Skip to main content



Q: What is durometer, flexural modulus and tensile strength?

A: Durometer is the measure of hardness for a material. Shore and Rockwell Durometer measure the resistance of plastics toward indentation. The higher the number the harder the material will be. Shore Hardness uses two different scales; Shore A or Shore D. Shore A is usually used for flexible materials and Shore D is used for semi-flexible materials. For catheters the durometer can vary from very stiff for maximum pushability to very flexible and soft for areas where invasive pushing could create damage. Durometer is important not only for the device in use but also for the manufacturing of the device. Some materials extrude better with particular zones of hardness.

Flexural modulus is the measure of a material’s bending stress relative to elongation under load. It provides an elastic measure of a material’s stiffness for a given test specimen and shape. The rigidity of a polymer tube is determined by the inherent stiffness of the material (modulus) and the cross sectional design of the catheter. Changing the dimensions of the cross section can have a profound impact on rigidity. Tensile strength is the maximum stress that a material can withstand while being stretched or pulled before breaking. This is important to understand for extruding thin walled tubes as well as for the tube’s performance. Heat shrink, balloons, and high pressure braided tubing all rely heavily on the tensile strength characteristics of a material. Materials such as Polyimide and PEEK have the highest burst pressure performance of materials commonly used in vascular catheters. To improve these characteristics, tubes are often braided to add strength and reinforcement to the structure.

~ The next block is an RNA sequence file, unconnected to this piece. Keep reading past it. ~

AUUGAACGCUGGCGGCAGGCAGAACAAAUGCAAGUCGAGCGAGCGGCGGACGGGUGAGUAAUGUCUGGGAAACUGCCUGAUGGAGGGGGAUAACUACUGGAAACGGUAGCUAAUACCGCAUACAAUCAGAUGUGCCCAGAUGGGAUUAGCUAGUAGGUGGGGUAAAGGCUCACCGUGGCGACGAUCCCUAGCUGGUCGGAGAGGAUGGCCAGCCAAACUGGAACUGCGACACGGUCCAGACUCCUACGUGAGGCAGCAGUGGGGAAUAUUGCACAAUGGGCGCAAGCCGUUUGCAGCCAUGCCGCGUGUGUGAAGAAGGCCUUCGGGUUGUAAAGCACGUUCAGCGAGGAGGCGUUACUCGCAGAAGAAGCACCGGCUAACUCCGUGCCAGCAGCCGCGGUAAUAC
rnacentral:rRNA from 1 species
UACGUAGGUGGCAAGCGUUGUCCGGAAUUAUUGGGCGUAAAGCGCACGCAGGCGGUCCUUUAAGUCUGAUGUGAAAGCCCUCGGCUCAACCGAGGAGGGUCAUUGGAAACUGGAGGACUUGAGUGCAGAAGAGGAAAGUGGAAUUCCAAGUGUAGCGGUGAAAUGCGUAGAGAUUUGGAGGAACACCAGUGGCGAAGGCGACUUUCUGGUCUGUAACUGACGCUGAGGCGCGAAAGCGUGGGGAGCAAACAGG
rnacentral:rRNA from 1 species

page top